Thursday, June 18, 2009

An experiment about an experiment.

I hope this works. If it does I'll post better quality video. This is a test post, really.

What the video shows is the view from Camera 1 on the night I tried out the electroluminescent string. No evidence of any ghosts, but that's okay. I wanted to see if the electric string was a viable and potentially useful device. In principle, it is. The batteries lasted eight hours, which is more than enough for most investigations.

The video is low-quality MPEG because I used the smallest file size possible for this test. The original is on VHS-C tape, transferred to the computer through an interface called 'Dazzle' and then edited with much swearing using the not-at-all-intuitive but actually pretty good software that came with it. You can just about see the shape of Camera 2 on its tripod on the right.

This edited bit has three sections, you'll see the time change in the bottom right of the screen when it moves between sections. The camera was on time-lapse so the seconds jump. First, in daylight at about 10:30 pm, then in darkness around 11 pm, then the point at which the electric string failed at about 3:30 am.

Assuming anyone can access this, I'll put up the Camera 2 view in better quality.


Southern Writer said...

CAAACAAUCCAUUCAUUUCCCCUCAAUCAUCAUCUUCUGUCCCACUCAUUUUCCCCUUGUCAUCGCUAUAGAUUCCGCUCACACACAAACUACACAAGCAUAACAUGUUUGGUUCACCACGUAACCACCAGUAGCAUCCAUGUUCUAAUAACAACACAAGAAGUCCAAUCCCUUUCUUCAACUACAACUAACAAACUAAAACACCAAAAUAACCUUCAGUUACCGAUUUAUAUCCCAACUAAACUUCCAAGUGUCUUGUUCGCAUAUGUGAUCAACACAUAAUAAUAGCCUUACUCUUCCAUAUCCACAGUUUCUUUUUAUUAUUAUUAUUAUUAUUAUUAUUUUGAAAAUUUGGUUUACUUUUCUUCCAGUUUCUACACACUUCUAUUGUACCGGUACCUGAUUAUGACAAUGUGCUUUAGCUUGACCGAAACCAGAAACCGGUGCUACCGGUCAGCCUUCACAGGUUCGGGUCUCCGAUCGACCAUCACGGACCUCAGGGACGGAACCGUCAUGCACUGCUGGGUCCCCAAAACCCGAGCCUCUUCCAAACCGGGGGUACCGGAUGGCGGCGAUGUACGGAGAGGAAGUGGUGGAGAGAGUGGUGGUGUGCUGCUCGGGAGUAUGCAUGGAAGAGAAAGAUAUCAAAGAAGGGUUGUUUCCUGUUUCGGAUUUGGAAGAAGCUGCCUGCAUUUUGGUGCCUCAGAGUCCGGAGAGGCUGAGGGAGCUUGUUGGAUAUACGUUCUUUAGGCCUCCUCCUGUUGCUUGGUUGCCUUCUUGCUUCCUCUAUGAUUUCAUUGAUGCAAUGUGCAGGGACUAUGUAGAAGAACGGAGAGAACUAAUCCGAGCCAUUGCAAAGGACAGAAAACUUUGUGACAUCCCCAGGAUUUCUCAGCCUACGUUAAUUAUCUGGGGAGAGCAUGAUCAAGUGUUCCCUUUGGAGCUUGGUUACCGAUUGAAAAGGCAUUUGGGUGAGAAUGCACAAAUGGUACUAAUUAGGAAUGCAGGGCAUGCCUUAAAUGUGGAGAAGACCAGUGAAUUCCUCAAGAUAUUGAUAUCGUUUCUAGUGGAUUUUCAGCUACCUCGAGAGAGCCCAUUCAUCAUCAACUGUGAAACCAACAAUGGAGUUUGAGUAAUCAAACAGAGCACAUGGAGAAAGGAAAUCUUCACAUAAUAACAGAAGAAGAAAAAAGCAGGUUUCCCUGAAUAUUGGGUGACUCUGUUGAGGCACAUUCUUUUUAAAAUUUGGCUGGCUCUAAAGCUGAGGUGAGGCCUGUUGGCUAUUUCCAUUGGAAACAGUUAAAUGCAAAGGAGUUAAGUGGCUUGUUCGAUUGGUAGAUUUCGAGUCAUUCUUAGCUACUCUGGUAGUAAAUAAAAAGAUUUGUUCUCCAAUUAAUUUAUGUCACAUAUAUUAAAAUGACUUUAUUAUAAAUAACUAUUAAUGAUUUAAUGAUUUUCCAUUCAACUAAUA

Okay; questions: Do y'all have very short nights there? It gets dark here around 9 p.m. It doesn't get light again until around 5 a.m. (this time of year, anyway).

I wondered why the camera appears to jiggle. It doesn't seem to be part of the time lapse because the lapse is in three large sections, not second by second. And finally, what caused the changes in light that appear on the right side of the table just before the end of the vid?

I hate that making these vids is so much work for you, but I did enjoy watching. Now, if you would just capture a ghost next time ...

Romulus Crowe said...

It doesn't get dark at all to the eye, which is more sensitive than the camera. We suffer for it in the winter though.

The jiggle is the camera jolting each time it starts recording. The tripod is sturdy but the cabinet it's standing on isn't.

Romulus Crowe said...

The light change, I think, is the sun rising. It shoots into the sky at this time of year and would be rising on the right hand side of the video. The window faces north so never gets direct sunlight (which will make all the artists jealous).

I'm told there's much more activity here when the nights are darker. I'll be ready.

Now I know how to make this video thing work, there'll be more.

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